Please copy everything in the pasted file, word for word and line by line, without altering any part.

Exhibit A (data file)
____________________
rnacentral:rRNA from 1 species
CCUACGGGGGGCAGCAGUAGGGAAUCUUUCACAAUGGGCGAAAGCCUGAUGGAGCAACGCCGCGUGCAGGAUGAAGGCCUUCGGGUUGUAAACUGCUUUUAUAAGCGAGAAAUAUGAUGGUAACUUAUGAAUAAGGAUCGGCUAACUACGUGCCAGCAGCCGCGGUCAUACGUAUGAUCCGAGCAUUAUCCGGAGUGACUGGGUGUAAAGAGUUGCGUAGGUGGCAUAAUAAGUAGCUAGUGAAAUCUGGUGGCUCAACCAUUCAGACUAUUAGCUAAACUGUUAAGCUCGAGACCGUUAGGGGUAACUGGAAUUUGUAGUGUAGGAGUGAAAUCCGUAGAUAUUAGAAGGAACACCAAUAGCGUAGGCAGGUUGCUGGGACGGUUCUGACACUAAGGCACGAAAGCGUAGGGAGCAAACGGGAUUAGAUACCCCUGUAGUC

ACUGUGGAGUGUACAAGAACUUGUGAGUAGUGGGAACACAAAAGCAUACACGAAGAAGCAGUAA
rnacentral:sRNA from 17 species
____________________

rnacentral:rRNA from 1 species
CCUACGGGGGGCAGCAGUAGGGAAUCUUUCACAAUGGGCGAAAGCCUGAUGGAGCAACGCCGCGUGCAGGAUGAAGGCCUUCGGGUUGUAAACUGCUUUUAUAAGCGAGAAAUAUGAUGGUAACUUAUGAAUAAGGAUCGGCUAACUACGUGCCAGCAGCCGCGGUCAUACGUAUGAUCCGAGCAUUAUCCGGAGUGACUGGGUGUAAAGAGUUGCGUAGGUGGCAUAAUAAGUAGCUAGUGAAAUCUGGUGGCUCAACCAUUCAGACUAUUAGCUAAACUGUUAAGCUCGAGACCGUUAGGGGUAACUGGAAUUUGUAGUGUAGGAGUGAAAUCCGUAGAUAUUAGAAGGAACACCAAUAGCGUAGGCAGGUUGCUGGGACGGUUCUGACACUAAGGCACGAAAGCGUAGGGAGCAAACGGGAUUAGAUACCCCUGUAGUC

ACUGUGGAGUGUACAAGAACUUGUGAGUAGUGGGAACACAAAAGCAUACACGAAGAAGCAGUAA
rnacentral:sRNA from 17 species